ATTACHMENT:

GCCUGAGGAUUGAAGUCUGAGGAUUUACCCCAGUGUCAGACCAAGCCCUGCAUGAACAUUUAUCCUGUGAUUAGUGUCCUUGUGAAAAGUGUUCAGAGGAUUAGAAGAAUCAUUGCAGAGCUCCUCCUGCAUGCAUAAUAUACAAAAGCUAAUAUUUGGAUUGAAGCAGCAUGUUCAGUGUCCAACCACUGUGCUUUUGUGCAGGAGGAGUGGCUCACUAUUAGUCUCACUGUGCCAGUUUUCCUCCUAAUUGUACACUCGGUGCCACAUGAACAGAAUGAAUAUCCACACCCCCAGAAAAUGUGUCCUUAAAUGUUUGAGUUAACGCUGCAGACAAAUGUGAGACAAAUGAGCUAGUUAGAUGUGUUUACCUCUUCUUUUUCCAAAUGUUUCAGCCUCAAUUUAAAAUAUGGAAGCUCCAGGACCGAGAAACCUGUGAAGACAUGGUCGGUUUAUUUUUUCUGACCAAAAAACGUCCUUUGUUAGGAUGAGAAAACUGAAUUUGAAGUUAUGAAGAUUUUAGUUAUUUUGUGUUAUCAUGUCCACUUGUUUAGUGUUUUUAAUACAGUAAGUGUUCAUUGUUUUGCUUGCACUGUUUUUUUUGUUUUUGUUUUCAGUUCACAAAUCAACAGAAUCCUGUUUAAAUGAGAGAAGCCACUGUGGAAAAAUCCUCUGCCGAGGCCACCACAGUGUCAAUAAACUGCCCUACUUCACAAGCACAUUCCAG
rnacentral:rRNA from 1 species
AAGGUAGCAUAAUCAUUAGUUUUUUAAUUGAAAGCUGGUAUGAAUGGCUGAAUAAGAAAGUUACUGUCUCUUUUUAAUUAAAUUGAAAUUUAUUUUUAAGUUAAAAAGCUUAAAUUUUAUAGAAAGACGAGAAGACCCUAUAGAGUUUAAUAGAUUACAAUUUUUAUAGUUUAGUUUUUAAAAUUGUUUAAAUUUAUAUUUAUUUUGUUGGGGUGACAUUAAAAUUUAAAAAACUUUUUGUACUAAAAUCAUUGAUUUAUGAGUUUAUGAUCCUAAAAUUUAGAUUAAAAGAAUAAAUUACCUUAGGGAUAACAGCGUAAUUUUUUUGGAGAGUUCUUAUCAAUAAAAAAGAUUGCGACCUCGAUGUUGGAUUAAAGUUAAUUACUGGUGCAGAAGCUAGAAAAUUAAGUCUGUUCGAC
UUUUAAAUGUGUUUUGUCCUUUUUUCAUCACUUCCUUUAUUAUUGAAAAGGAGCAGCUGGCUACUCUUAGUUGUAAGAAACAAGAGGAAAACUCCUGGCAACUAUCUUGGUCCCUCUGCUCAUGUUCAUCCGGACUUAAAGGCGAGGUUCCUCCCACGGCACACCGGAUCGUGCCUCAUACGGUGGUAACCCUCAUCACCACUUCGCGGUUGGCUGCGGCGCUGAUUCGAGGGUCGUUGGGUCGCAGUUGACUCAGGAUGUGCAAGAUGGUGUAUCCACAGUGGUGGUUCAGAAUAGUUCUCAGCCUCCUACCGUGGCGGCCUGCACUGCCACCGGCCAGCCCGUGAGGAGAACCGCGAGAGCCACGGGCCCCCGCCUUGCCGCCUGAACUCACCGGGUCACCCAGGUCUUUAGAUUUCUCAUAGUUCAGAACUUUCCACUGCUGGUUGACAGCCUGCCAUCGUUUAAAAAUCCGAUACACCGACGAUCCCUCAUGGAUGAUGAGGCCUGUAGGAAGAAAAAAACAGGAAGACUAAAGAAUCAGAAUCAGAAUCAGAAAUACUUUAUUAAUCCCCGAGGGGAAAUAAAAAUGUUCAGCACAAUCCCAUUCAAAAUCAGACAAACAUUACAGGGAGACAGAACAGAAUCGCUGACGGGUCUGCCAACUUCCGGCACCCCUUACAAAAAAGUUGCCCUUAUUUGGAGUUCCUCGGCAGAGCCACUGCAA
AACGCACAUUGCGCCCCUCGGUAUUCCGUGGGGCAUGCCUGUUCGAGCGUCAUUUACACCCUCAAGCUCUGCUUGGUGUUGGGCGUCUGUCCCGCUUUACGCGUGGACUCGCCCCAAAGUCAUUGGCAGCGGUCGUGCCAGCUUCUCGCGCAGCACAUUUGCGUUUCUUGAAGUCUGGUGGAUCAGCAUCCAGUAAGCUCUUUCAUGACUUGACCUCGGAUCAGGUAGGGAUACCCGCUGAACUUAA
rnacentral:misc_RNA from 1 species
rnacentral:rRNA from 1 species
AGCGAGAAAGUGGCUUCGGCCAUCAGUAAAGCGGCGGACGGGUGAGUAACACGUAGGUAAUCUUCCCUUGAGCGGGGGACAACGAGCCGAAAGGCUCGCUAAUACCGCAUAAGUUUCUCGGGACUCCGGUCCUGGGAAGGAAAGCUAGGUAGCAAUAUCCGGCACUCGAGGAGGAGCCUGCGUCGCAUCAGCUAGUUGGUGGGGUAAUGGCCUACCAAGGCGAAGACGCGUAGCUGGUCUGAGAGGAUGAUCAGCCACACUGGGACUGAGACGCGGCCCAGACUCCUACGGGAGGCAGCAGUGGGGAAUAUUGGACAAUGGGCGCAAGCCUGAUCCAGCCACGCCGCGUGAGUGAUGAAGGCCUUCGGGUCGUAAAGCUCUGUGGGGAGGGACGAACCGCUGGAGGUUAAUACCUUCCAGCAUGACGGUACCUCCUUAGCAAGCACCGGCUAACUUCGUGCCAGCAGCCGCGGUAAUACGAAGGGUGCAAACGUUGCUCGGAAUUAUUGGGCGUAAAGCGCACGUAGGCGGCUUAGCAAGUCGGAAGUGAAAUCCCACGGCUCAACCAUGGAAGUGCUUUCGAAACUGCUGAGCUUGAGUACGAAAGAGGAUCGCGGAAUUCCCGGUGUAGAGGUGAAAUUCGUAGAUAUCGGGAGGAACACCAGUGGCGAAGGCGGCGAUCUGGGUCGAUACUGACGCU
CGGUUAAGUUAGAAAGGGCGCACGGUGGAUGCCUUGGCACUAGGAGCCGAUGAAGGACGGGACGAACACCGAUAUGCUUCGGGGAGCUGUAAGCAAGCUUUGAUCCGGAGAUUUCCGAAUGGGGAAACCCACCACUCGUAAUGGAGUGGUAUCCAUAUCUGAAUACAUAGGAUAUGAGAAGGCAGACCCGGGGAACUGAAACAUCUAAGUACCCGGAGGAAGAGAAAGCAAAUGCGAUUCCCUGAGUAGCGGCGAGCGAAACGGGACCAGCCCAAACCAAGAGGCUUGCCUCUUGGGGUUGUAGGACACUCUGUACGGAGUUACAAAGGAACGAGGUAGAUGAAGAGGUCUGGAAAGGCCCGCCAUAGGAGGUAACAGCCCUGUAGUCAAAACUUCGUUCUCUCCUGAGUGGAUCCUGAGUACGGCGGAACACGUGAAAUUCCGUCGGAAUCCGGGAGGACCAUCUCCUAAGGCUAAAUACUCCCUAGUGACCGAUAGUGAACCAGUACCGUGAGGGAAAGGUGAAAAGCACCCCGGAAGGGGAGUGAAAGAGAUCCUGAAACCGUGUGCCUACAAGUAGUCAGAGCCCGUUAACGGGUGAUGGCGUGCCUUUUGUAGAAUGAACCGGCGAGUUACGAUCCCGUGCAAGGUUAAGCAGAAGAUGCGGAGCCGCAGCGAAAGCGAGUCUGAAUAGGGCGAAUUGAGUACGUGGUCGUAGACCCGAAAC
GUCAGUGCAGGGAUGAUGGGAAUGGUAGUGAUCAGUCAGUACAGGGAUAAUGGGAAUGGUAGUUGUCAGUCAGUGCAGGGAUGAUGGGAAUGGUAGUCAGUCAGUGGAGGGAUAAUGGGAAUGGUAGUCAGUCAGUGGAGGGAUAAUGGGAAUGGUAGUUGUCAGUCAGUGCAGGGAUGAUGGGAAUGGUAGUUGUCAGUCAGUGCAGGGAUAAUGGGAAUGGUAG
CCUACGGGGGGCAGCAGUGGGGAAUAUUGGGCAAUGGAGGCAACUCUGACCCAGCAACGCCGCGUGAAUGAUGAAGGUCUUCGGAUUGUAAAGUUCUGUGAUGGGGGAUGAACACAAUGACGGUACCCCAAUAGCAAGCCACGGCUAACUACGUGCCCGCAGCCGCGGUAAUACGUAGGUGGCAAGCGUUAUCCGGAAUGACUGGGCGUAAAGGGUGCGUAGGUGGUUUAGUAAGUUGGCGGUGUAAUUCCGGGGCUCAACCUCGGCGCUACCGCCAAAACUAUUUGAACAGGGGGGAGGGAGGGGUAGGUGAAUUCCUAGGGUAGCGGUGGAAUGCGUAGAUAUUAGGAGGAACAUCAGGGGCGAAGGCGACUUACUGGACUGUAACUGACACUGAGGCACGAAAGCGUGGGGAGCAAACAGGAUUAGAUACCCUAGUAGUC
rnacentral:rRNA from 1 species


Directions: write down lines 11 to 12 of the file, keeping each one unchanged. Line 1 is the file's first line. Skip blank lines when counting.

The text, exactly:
CCUACGGGGGGCAGCAGUGGGGAAUAUUGGGCAAUGGAGGCAACUCUGACCCAGCAACGCCGCGUGAAUGAUGAAGGUCUUCGGAUUGUAAAGUUCUGUGAUGGGGGAUGAACACAAUGACGGUACCCCAAUAGCAAGCCACGGCUAACUACGUGCCCGCAGCCGCGGUAAUACGUAGGUGGCAAGCGUUAUCCGGAAUGACUGGGCGUAAAGGGUGCGUAGGUGGUUUAGUAAGUUGGCGGUGUAAUUCCGGGGCUCAACCUCGGCGCUACCGCCAAAACUAUUUGAACAGGGGGGAGGGAGGGGUAGGUGAAUUCCUAGGGUAGCGGUGGAAUGCGUAGAUAUUAGGAGGAACAUCAGGGGCGAAGGCGACUUACUGGACUGUAACUGACACUGAGGCACGAAAGCGUGGGGAGCAAACAGGAUUAGAUACCCUAGUAGUC
rnacentral:rRNA from 1 species